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Getting the design right – Part 2

In this concluding portion of his two-part article, Aslan Al-Barazi focuses on solar water heating systems and general design guidelines

| | Nov 30, 2011 | 5:20 pm
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In this concluding portion of his two-part article, Aslan Al-Barazi focuses on solar water heating systems and general design guidelines

When designing a SWH system, one of the important design parameters required is the DHW average daily demand. Another important parameter is the cold water temperature design entering the SWH system. This temperature is critical to the optimum design of the system and should be chosen as accurately as possible, considering the variance in the cold water temperature from source during winter and summer time as well as during the day and at night. Normally, this is water coming from DEWA, ADWEA, SEWA or FEWA and should be checked with the authorities for the correct temperature variance; or, it should be averaged out on a monthly or yearly basis.

In the case of the design of storage tanks, the preference is for structures that are tall and relatively thin rather than short and wide. This is for optimised thermal stratification to occur, a phenomenon recommended for use in solar water heaters that takes place due to density difference between hot and cold water. In other words, tall and thin cylinders will ensure that the lighter hot water will be on top of the cylinder whereas the heavier cold water will remain at the bottom of the cylinder, where it should also be noted, the solar heat exchanger should be located, plus the cold water draw-off, which is being pumped into the solar panel circuit. In such a storage tank design, solar thermal energy transfers efficiently to the cold lower part of the storage tank in a section of the tank, termed as the dedicated solar water heating volume as opposed to the auxiliary water heating volume, located above or, possibly, in a separate storage tank.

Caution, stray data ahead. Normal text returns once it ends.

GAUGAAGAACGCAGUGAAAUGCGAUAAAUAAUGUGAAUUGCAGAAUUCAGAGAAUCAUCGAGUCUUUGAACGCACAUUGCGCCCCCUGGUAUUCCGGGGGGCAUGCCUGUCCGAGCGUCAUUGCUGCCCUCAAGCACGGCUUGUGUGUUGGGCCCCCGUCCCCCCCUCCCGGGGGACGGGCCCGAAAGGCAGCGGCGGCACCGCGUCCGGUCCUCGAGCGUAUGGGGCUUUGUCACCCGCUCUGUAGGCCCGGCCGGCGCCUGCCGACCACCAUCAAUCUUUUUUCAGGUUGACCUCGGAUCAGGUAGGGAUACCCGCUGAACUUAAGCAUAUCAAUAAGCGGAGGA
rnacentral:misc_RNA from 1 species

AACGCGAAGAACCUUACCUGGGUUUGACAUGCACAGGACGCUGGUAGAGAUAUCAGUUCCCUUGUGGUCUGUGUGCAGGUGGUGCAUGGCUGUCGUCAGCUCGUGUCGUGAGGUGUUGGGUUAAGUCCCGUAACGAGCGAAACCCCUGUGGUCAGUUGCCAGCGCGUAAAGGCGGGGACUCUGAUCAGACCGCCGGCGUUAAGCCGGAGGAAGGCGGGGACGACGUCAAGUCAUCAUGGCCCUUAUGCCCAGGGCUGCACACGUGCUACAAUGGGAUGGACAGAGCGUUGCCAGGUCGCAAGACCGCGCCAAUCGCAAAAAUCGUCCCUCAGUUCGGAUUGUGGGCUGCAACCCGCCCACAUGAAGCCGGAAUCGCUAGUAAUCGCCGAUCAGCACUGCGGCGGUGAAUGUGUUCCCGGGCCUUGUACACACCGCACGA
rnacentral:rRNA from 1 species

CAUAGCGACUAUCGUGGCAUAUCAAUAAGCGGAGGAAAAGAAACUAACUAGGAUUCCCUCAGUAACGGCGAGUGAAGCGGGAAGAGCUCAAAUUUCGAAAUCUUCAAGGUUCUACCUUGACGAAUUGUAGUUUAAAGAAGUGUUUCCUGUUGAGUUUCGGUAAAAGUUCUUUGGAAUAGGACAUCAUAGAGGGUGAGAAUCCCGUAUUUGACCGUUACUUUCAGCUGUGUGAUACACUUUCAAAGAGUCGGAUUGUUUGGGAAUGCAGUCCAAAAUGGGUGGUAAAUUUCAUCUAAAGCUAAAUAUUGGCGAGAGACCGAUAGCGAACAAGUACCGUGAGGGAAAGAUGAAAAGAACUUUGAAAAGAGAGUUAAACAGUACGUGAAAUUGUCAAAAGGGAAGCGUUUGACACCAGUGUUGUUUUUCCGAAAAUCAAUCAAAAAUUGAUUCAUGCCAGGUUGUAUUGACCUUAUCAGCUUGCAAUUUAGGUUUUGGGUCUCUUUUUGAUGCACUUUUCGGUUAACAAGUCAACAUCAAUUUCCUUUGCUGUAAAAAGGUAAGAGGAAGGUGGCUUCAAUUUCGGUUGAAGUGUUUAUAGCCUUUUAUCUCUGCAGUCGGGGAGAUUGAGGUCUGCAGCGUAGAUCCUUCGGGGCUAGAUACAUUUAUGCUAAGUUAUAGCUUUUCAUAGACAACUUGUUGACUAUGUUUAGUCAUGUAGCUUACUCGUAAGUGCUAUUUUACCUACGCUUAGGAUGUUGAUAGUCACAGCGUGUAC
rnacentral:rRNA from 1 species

Another important key design feature in a SWH system design is the controls in the system. In order to ensure the hot water reaching the source is always consistent and not fluctuating due to weather conditions or late-night hot water demands, it is key to ensure proper coordination between the SWH and back-up heating source through the appropriate usage of automatic controls. In other words, the automatic controls ensure that the hot water reaching the tenant is consistent and not fluctuating. When viewed from another angle, when the hot water becomes too hot, the automatic controls prevent the system from getting too hot and allow the hot water to come conditioned, as required and, therefore, eliminate the risk of scalding.

Solar water heating applications are not only limited in design to DHW but may also be integrated to extended hot water project requirements, such as swimming pool water heating, and particular types of washing machines and dishwashers, which allow for independent hot water supply to the units, as well as other applications.

Solar flat panels or evacuated tube collectors?